Understand the risks.,
Ask for a conversation.,
Pick a neutral location.,
Accept their response.
Before you sit down to have a conversation with your friend about your relationship and where it’s going, understand the risks involved in asking to change your friendship into a romantic relationship. Your friend could feel the same, but they might not. You need to prepare for your friend not to feel the way you do.When assessing the risks you should also decide how you will react to your friend’s potential response. If they do not return your feelings, are you willing to stay friends? Would you rather end the friendship? Make sure you’re prepared for whatever reaction you get.;
, Once you feel fully prepared for whatever response you might get, ask your friend if you can have a serious conversation.
You can say something like “I’d really like to talk to you about something important regarding our friendship. Is there a time and a day that’s good for you?”
You can also give them a heads up on what’s coming by saying something like “I’d like to discuss my feelings about you and our relationship. When would you be willing to have this conversation?”
, This is a sensitive conversation you’ll be having, so you’ll want to choose somewhere that you and your friend will have some privacy. If you are already friends, you might be comfortable having this conversation in one of your homes.
Don’t pick a romantic spot in the hopes that it will sway your friend’s response. If the conversation doesn’t go the way you want it to, being in a romantic restaurant can make things awkward.
You could also choose a quiet corner of a coffee shop or a nice spot in a public park. Depending on how the conversation goes, it might be best to have this conversation somewhere that you can both easily leave.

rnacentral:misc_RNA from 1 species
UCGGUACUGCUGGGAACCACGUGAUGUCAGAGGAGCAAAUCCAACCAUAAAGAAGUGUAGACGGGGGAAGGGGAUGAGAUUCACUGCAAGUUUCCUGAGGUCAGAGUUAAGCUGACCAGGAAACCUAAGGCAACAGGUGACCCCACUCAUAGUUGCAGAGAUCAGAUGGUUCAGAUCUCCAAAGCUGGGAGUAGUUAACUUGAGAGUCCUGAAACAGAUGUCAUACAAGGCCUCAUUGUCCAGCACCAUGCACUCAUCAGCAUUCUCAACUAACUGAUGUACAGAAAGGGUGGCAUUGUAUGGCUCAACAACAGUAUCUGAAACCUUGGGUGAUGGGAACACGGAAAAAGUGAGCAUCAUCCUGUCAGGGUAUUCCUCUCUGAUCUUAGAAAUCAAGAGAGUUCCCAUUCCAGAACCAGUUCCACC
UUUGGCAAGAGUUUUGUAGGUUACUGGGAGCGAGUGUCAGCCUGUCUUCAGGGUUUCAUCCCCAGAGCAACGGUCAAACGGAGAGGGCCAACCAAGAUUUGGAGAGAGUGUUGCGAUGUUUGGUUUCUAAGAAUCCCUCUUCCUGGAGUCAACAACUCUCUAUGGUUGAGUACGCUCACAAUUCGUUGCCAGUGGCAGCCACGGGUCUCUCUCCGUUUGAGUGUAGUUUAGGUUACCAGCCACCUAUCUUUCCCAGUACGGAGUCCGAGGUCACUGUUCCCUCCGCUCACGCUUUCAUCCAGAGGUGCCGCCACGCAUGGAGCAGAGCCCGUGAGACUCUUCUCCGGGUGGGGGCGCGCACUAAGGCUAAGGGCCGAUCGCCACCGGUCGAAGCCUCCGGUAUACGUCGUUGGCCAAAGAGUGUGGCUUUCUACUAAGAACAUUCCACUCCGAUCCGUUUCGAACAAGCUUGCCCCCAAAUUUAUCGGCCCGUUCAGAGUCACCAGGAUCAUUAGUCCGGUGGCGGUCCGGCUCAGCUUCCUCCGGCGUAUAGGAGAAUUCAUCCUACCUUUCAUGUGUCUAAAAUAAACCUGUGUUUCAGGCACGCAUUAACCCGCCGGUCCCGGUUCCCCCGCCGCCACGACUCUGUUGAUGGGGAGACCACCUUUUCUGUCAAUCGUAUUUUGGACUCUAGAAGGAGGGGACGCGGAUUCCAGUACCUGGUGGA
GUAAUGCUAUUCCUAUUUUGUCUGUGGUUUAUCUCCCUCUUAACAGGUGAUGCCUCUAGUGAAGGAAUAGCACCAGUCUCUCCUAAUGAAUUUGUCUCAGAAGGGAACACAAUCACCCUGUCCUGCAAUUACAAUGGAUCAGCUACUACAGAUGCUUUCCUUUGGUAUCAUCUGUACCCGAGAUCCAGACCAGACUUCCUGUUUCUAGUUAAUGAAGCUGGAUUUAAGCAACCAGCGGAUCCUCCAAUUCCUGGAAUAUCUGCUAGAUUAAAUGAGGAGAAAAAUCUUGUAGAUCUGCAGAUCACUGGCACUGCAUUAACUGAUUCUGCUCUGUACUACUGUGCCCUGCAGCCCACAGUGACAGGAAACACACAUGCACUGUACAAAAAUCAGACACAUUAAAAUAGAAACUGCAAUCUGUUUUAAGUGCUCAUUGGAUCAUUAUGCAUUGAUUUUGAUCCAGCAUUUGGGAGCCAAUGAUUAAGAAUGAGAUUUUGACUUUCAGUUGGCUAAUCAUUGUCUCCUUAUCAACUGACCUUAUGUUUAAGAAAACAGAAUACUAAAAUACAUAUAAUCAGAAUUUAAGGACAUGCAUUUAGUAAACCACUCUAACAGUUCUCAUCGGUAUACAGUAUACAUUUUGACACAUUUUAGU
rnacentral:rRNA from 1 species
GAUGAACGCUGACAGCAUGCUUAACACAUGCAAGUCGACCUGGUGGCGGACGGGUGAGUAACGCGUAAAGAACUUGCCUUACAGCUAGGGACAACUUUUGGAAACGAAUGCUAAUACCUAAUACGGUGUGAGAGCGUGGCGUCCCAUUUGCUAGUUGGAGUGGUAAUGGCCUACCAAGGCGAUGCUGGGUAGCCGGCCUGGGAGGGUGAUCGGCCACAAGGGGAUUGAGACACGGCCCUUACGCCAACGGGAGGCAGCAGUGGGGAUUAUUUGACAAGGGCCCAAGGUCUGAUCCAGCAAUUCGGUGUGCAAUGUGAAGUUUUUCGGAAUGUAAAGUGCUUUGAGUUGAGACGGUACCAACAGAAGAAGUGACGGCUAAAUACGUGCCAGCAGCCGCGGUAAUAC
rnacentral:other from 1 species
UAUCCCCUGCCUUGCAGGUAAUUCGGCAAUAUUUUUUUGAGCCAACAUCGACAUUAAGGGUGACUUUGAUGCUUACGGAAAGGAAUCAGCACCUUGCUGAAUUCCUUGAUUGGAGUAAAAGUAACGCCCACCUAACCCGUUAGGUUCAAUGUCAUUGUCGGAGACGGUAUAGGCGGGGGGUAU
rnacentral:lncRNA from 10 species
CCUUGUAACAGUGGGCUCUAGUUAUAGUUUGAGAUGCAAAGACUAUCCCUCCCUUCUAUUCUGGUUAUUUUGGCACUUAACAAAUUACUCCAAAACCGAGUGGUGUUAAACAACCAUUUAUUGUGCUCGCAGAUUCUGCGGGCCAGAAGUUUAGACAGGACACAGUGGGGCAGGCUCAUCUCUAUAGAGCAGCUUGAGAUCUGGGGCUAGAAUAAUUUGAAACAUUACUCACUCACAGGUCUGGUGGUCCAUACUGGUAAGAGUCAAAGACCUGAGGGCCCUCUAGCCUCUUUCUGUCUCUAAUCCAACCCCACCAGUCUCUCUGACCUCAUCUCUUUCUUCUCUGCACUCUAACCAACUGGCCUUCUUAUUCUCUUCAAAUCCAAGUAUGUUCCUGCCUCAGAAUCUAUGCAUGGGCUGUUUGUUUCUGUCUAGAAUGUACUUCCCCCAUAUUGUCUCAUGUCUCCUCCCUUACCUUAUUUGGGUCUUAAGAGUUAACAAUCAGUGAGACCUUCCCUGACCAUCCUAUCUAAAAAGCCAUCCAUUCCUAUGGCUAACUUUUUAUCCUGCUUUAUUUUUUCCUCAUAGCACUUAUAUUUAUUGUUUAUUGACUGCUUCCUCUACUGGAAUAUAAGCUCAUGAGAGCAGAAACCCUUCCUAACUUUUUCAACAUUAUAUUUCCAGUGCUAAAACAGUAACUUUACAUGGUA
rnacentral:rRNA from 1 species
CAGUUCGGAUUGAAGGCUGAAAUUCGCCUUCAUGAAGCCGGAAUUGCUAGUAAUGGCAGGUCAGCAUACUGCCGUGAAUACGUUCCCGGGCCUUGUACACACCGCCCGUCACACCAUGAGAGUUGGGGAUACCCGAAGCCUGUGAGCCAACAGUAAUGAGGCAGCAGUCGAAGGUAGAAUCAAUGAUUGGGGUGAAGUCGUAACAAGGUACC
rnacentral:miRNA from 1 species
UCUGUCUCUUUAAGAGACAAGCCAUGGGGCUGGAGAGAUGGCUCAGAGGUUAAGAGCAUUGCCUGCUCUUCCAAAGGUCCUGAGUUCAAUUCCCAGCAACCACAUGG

, When talking to your friend about your feelings, be honest and up front about how you feel and what you want for your relationship.
You can say something like “I know we’ve been friends for a long time, but I’ve been feeling like maybe there’s something more between us. I am starting to care about you as more than a friend and I was wondering if you’ve felt that way, too.”
Emphasize that you don’t want to jeopardize your friendship but that your feelings are such that you felt the need to talk to them., When you’re admitting feelings to someone else – especially someone that you’ve only had a platonic relationship with – it’s easy to feel very vulnerable and as if you deserve a certain response. Keep in mind that your friend might not respond the way you want them to, and that you have to respect them enough to accept their response, whatever it is.
If their response is that they don’t return your feelings you can say something like “I hear what you’re saying and I respect your response. Let’s talk about where we want our relationship to go from here.” This way your friend knows that you’re not going to continue to pursue them romantically but that you want to maintain your friendship.
If your friend returns your feelings and is also willing to pursue a romantic relationship you can say something like “I’m really glad you feel the same! Where do we go from here?” This sets up an opportunity for you both to discuss how quickly – or slowly – you want to take your new relationship.
If your friend asks for time to think about it, say something like “I understand that this is a lot to think about and I am totally willing to give you some space to consider everything.” Then ask if you can make a plan to meet in a week (or longer, or shorter – you can read how your friend is feeling better than anyone) to discuss things again.